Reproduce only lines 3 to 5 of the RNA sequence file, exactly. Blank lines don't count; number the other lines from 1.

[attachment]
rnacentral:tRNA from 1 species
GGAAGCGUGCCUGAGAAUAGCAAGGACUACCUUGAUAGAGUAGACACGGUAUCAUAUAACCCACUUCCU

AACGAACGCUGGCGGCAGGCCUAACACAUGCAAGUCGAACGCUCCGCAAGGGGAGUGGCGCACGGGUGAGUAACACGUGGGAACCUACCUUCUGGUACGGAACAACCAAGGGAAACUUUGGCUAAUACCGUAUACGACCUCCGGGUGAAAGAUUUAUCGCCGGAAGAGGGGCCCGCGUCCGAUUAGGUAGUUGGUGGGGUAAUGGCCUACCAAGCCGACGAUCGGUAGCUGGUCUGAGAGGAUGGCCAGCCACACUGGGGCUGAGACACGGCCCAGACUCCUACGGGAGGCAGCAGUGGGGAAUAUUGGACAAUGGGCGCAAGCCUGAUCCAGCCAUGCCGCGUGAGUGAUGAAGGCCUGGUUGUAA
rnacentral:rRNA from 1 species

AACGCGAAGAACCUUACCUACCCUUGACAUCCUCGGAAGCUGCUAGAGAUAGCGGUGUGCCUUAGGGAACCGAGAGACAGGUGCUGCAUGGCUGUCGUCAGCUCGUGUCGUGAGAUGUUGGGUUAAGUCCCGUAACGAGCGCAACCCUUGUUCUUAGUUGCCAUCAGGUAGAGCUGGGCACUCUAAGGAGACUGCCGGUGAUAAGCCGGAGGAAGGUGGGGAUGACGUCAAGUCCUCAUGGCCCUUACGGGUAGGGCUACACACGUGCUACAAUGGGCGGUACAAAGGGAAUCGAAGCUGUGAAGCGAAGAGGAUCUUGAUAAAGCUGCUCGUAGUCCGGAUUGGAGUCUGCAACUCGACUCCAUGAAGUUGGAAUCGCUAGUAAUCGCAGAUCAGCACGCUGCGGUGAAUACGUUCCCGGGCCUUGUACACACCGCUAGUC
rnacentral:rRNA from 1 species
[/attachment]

AACGAACGCUGGCGGCAGGCCUAACACAUGCAAGUCGAACGCUCCGCAAGGGGAGUGGCGCACGGGUGAGUAACACGUGGGAACCUACCUUCUGGUACGGAACAACCAAGGGAAACUUUGGCUAAUACCGUAUACGACCUCCGGGUGAAAGAUUUAUCGCCGGAAGAGGGGCCCGCGUCCGAUUAGGUAGUUGGUGGGGUAAUGGCCUACCAAGCCGACGAUCGGUAGCUGGUCUGAGAGGAUGGCCAGCCACACUGGGGCUGAGACACGGCCCAGACUCCUACGGGAGGCAGCAGUGGGGAAUAUUGGACAAUGGGCGCAAGCCUGAUCCAGCCAUGCCGCGUGAGUGAUGAAGGCCUGGUUGUAA
rnacentral:rRNA from 1 species

AACGCGAAGAACCUUACCUACCCUUGACAUCCUCGGAAGCUGCUAGAGAUAGCGGUGUGCCUUAGGGAACCGAGAGACAGGUGCUGCAUGGCUGUCGUCAGCUCGUGUCGUGAGAUGUUGGGUUAAGUCCCGUAACGAGCGCAACCCUUGUUCUUAGUUGCCAUCAGGUAGAGCUGGGCACUCUAAGGAGACUGCCGGUGAUAAGCCGGAGGAAGGUGGGGAUGACGUCAAGUCCUCAUGGCCCUUACGGGUAGGGCUACACACGUGCUACAAUGGGCGGUACAAAGGGAAUCGAAGCUGUGAAGCGAAGAGGAUCUUGAUAAAGCUGCUCGUAGUCCGGAUUGGAGUCUGCAACUCGACUCCAUGAAGUUGGAAUCGCUAGUAAUCGCAGAUCAGCACGCUGCGGUGAAUACGUUCCCGGGCCUUGUACACACCGCUAGUC